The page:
The nation's first black attorney general and Gov. George C. Wallace's daughter celebrated the Selma-to-Montgomery voting rights march Sunday — 44 years after state troopers from her father's administration beat marchers starting the landmark journey.
"It's reconciliation and redemption," Wallace's daughter said.
Selma's annual Bridge Crossing Jubilee, commemorating the 1965 voting rights march, brought together civil rights leaders Jesse Jackson, Al Sharpton and Joseph Lowery in addition to the attorney general and several members of Congress, including Rep. John Lewis, D-Ga., who was beaten in the original Selma march.
Holder and Kennedy embraced at Brown Chapel AME Church, where marchers organized on March 7, 1965, to begin their 50-mile march to Montgomery.
A few blocks into the march, they were beaten by state troopers on Selma's Edmund Pettus Bridge_an event that became known as "Bloody Sunday."
The march to Montgomery was later completed under federal protection, with Martin Luther King Jr., leading it. It prompted passage of the Voting Rights Act, which opened Southern polling places to blacks and ended all-white government.
"I am a beneficiary of Selma," Holder said.
Wallace's daughter endorsed Barack Obama for president last fall, but she and Holder had never met until Sunday. U.S. Rep. Artur Davis of Birmingham, a Democrat who is campaigning to try to become Alabama's first black governor, asked her to introduce Holder. But the ties between Holder and Kennedy go back decades in Alabama history.
Her father stood in the schoolhouse door at the University of Alabama in 1963 in an unsuccessful attempt to keep Holder's future sister-in-law, Vivian Malone Jones, from integrating the university.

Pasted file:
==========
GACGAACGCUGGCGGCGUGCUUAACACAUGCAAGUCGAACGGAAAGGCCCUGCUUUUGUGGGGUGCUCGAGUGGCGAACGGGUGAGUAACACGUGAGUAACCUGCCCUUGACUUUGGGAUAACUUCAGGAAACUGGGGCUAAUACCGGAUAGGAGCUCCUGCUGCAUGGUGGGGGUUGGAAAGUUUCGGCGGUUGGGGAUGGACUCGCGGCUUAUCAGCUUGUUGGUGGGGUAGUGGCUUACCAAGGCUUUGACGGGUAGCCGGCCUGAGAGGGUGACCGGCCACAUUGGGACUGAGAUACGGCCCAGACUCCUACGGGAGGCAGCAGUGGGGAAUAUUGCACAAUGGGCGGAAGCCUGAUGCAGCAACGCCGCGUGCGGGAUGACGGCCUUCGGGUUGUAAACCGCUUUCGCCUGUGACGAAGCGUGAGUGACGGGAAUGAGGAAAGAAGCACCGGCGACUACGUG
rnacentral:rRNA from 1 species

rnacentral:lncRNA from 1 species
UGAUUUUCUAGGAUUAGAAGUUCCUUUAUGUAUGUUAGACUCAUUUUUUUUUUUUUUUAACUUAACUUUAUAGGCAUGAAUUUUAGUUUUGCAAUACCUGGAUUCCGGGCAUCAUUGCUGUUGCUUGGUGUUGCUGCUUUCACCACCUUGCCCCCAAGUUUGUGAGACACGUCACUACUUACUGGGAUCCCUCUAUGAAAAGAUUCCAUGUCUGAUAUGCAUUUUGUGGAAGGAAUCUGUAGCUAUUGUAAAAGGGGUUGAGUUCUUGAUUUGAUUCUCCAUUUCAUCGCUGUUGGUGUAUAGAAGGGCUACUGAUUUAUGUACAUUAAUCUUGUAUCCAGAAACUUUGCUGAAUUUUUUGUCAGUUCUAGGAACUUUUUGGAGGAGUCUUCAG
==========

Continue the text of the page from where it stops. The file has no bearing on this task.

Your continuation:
"I so wish Vivian had lived to see this moment," Holder said after hugging Wallace's daughter.
Kennedy said that as a child watching the Selma-to-Montgomery march, "I knew their cause was just." But she said she never spoke out politically until she endorsed Obama, who appointed Holder.
Selma's black mayor said it was appropriate that the 44th anniversary of the voting rights march followed the inauguration of the nation's 44th president.
"What happened in Selma 44 years ago set in motion events that led to the election of our 44th president, Barack Obama," Mayor George Evans said.
Holder said no one dreamed on "Bloody Sunday" that George Wallace would later apologize for his segregationist views or that his daughter would one day support Obama for president.
But he said it's not time to rest.
"It will take much more than the election of the first African-American president to make Dr. King's dream a reality," Holder told an audience of more than 500 people earlier at Wallace Community College.
Holder also said it's vital to protect a key provision of the Voting Rights Act. The U.S. Supreme Court agreed in January to review a lower court ruling upholding a portion of the law that requires all or part of 16 states, including Alabama, to get federal approval before implementing any changes in the way elections are held.
"We must commit ourselves to continuing to defend the Voting Rights Act, which is under attack," Holder said.
Holder did not make direct mention of his remarks last month to Justice Department employees marking Black History Month. In that speech, Holder said that while the country has proudly thought of itself as an ethnic melting pot, "in things racial we have always been and I believe continue to be, in too many ways, essentially a nation of cowards."
President Barack Obama said he would not have used that language.
In Selma, Holder said there are still injustices to address. "We need to do more including communicating more, about the difficult challenges we face as a nation," he said.
After Holder's speech, more than a thousand people marched from the church across the Edmund Pettus Bridge to commemorate "Bloody Sunday."